FILED: December 27, 2006


Conservator for James Carrier, a Minor,



dba St. Vincent Hospital & Medical Center,
an Oregon business;


0301-00634; A122603

Appeal from Circuit Court, Multnomah County.

Nely L. Johnson, Judge.

Argued and submitted March 10, 2006.

Kathryn H. Clarke argued the cause for appellant. With her on the brief was John E. Uffelman.

Michael T. Stone argued the cause and filed the joint brief for respondent Providence Health System of Oregon Corp., dba St. Vincent Hospital & Medical. Lindsey H. Hughes argued the cause and filed the joint brief for respondent Randi R. Ledbetter.

Before Edmonds, Presiding Judge, and Linder, Judge, and Barron, Judge pro tempore.*

BARRON, J. pro tempore


*Barron, J. pro tempore, vice Wollheim, J.

BARRON, Judge pro tempore.

Plaintiff Kelly Christiansen, the mother and conservator of the estate of her minor child, James Carrier, appeals from a judgment dismissing her medical negligence action on the ground that it was barred by the ultimate repose provision of ORS 12.110(4). Plaintiff argues that the application of that provision to her claims violates the remedy clause, Article I, section 10, of the Oregon Constitution. For the reasons set forth below, we affirm the trial court's dismissal.

In reviewing a grant of a motion to dismiss, we assume the truth of all allegations in the complaint, as well as any inferences that may be drawn, and view them in the light most favorable to the nonmoving party. Barke v. Maeyens, 176 Or App 471, 473, 31 P3d 113 (2001), rev den, 333 Or 655 (2002). The complaint alleges that defendants, a hospital and an obstetrician, failed to recognize signs of fetal distress and maternal infection during plaintiff's labor on March 14, 1994, and, as a result, negligently delayed performing a cesarean section delivery of the child. Immediately after delivery, the child was "floppy and unresponsive," "required neonatal resuscitation[,] and suffered his first seizure within eight hours of his birth." He was discharged approximately one week later; at that time, his "physicians stated that a cranial ultrasound and CT Scan of the brain did not show any evidence of abnormality. An EEG taken then was mildly abnormal, but not specific."

Approximately three months after the child's birth, Dr. James R. Schimschock of the Child Neurology Clinic told plaintiff that the child had been "developing normally" and gave him a "good prognosis." On or about May 11, 1999, Dr. Schimschock "noted that [the child] had seemed to make his motor landmarks at appropriate intervals" but diagnosed mixed developmental disorder, developmental speech or language disorder, and partial epilepsy. Dr. Schimschock referred the child to Dr. Jay Edwards for further evaluation. Dr. Edwards examined the child on June 2, 1999, and noted that the child "reached his early developmental milestones, but was beginning to show signs of neurological deficits, relating to an anoxic event in-utero."

Although plaintiff alleged that she was generally aware of the course of events leading up to the cesarean section, she did not allege that she knew that the child was "floppy and unresponsive" after birth, that he needed neonatal resuscitation, or that he had a seizure within eight hours of the cesarean section delivery. (1) Within six to eight months after delivery, plaintiff "suspected that there may have been negligence in the medical care provided" during the labor and delivery, "but at the time there were no known permanent injuries to" the child. Plaintiff contends that she did not learn of the child's permanent injuries until May 11, 1999, when Dr. Schimschock diagnosed the child as having several neurological disorders.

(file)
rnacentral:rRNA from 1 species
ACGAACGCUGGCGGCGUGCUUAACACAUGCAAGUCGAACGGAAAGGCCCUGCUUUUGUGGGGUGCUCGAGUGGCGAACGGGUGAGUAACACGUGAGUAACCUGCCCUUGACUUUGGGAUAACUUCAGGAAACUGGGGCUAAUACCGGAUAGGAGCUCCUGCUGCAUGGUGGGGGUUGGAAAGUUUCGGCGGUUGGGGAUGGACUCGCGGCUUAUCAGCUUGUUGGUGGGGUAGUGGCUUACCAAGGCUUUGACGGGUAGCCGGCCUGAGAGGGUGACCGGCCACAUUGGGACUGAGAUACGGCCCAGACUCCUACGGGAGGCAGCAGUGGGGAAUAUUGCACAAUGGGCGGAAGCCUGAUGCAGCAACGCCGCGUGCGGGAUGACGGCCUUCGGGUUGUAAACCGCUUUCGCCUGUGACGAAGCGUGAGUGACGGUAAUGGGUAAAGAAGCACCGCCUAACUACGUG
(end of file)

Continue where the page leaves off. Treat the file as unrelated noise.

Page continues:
Plaintiff filed this action against defendants in January 2003, more than five years after the child's birth on March 14, 1994, but less than five years after she allegedly discovered the existence and nature of his injuries in May 1999. In lieu of filing an answer, defendants moved to dismiss the complaint, pursuant to ORCP 21 A(9), (2) as barred by either the statute of limitations (because the complaint alleges that plaintiff "suspected * * * negligence" six to eight months after the delivery) or by the statute of ultimate repose. See ORS 12.110(4). (3) Plaintiff contended that the suit was filed less than five years after she discovered the child's injuries, as required by ORS 12.160, (4) and that application of ORS 12.110(4) to her claims violates Article I, section 10, of the Oregon Constitution (the remedy clause). (5) The trial court dismissed the complaint with prejudice, ruling that it was barred by ORS 12.110(4) and holding that ORS 12.110(4) is not unconstitutional by reason of violating Article I, section 10, of the Oregon Constitution.

We first address defendants' subconstitutional argument that plaintiff's claims are barred by the two-year statute of limitations, ORS 12.110(4), for claims based on medical negligence. See Ainsworth v. SAIF, 202 Or App 708, 711-13, 124 P3d 616 (2005), rev den, 341 Or 216 (2006) (explaining that courts must consider subconstitutional arguments before reaching constitutional questions). Defendants contend that the allegation that, within six to eight months after the child's birth, plaintiff "suspected that there may have been negligence in the medical care provided to [her]" during the birth can be construed to mean only that she knew or should have known of facts that would make a reasonable person aware of the substantial possibility of the allegedly tortious conduct. (6) We disagree. Construing the complaint in the light most favorable to plaintiff, as we must, Barke, 176 Or App at 473, we conclude that plaintiff merely "suspected" tortious conduct within six to eight months after the child's birth and that she did not discover the child's injuries for purposes of the statute of limitations until May 1999. The existence of such a suspicion will not start the statute of limitations running. See Gaston v. Parsons, 318 Or 247, 256, 864 P2d 1319 (1994) (holding that a statute of limitations will not begin to run if a plaintiff has only a "mere suspicion" of legal injury, but it will begin to run if the plaintiff was or should have been aware of a "substantial possibility" of legal injury). Accordingly, under ORS 12.160, plaintiff had until five years from May 1999 within which to bring the claim. As noted, however, under ORS 12.110(4), the statute of ultimate repose, notwithstanding ORS 12.160, every action must be commenced within five years of the date of treatment. In this case, the statute of ultimate repose bars plaintiff's claim because it was not brought within five years of March 14, 1994.